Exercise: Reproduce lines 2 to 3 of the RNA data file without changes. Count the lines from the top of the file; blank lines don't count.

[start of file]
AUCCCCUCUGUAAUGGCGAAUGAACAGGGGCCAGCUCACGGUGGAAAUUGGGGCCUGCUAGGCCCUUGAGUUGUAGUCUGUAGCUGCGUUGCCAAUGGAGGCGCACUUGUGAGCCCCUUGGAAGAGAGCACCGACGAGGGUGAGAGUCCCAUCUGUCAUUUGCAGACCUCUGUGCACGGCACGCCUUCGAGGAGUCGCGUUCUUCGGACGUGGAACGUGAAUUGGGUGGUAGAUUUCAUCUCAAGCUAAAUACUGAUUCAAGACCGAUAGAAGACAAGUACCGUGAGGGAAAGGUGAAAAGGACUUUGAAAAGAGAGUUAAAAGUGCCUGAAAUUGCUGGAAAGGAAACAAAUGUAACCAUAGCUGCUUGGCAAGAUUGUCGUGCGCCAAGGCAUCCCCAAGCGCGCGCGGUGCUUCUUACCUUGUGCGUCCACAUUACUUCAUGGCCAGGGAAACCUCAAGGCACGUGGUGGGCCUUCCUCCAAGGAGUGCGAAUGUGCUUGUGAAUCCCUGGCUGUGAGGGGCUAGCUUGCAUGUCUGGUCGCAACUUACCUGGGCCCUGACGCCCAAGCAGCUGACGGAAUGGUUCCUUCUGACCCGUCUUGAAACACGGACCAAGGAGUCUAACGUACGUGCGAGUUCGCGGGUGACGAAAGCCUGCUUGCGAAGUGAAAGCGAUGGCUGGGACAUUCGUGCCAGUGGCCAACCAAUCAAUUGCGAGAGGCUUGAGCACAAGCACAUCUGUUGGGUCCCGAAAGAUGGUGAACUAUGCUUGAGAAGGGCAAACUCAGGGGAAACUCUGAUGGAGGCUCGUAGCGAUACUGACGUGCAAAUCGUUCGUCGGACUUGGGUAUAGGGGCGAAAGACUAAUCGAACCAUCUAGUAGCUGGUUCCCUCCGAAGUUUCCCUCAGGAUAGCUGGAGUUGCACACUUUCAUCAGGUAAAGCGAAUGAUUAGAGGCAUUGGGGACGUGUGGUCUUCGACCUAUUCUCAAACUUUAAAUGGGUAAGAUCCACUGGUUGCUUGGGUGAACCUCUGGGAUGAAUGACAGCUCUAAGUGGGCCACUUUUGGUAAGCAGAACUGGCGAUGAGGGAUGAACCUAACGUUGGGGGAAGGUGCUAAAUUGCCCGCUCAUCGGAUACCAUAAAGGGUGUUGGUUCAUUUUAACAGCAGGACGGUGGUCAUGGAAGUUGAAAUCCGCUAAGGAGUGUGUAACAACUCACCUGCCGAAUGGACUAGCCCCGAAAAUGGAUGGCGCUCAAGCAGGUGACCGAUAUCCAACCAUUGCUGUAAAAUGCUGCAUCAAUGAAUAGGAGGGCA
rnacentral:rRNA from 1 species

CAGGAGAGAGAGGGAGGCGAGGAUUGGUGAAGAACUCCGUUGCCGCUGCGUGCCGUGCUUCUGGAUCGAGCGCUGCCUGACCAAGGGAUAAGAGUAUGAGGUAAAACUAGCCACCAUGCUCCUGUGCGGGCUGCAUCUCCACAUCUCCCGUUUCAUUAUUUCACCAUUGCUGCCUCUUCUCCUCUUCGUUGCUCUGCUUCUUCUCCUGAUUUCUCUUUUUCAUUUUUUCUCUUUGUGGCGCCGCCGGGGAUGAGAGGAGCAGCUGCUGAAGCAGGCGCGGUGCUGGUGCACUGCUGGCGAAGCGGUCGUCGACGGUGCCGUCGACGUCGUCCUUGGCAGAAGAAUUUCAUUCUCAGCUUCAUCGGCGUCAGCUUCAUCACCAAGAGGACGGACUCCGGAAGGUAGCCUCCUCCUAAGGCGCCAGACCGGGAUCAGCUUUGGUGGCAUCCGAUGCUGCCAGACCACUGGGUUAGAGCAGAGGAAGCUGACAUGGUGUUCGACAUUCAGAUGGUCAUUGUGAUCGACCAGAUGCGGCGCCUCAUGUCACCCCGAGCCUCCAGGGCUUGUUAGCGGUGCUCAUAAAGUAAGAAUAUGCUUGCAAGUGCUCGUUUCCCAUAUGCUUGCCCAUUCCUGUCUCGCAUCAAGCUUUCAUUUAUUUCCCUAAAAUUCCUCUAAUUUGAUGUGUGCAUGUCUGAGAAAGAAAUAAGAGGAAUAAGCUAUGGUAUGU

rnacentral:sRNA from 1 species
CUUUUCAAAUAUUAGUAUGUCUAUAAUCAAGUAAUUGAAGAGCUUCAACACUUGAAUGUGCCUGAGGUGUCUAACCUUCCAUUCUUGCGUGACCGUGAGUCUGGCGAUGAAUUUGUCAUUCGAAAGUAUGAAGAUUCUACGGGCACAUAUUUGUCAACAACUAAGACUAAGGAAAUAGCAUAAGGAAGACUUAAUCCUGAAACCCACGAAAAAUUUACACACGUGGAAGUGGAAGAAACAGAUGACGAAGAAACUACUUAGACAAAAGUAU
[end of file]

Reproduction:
rnacentral:rRNA from 1 species

CAGGAGAGAGAGGGAGGCGAGGAUUGGUGAAGAACUCCGUUGCCGCUGCGUGCCGUGCUUCUGGAUCGAGCGCUGCCUGACCAAGGGAUAAGAGUAUGAGGUAAAACUAGCCACCAUGCUCCUGUGCGGGCUGCAUCUCCACAUCUCCCGUUUCAUUAUUUCACCAUUGCUGCCUCUUCUCCUCUUCGUUGCUCUGCUUCUUCUCCUGAUUUCUCUUUUUCAUUUUUUCUCUUUGUGGCGCCGCCGGGGAUGAGAGGAGCAGCUGCUGAAGCAGGCGCGGUGCUGGUGCACUGCUGGCGAAGCGGUCGUCGACGGUGCCGUCGACGUCGUCCUUGGCAGAAGAAUUUCAUUCUCAGCUUCAUCGGCGUCAGCUUCAUCACCAAGAGGACGGACUCCGGAAGGUAGCCUCCUCCUAAGGCGCCAGACCGGGAUCAGCUUUGGUGGCAUCCGAUGCUGCCAGACCACUGGGUUAGAGCAGAGGAAGCUGACAUGGUGUUCGACAUUCAGAUGGUCAUUGUGAUCGACCAGAUGCGGCGCCUCAUGUCACCCCGAGCCUCCAGGGCUUGUUAGCGGUGCUCAUAAAGUAAGAAUAUGCUUGCAAGUGCUCGUUUCCCAUAUGCUUGCCCAUUCCUGUCUCGCAUCAAGCUUUCAUUUAUUUCCCUAAAAUUCCUCUAAUUUGAUGUGUGCAUGUCUGAGAAAGAAAUAAGAGGAAUAAGCUAUGGUAUGU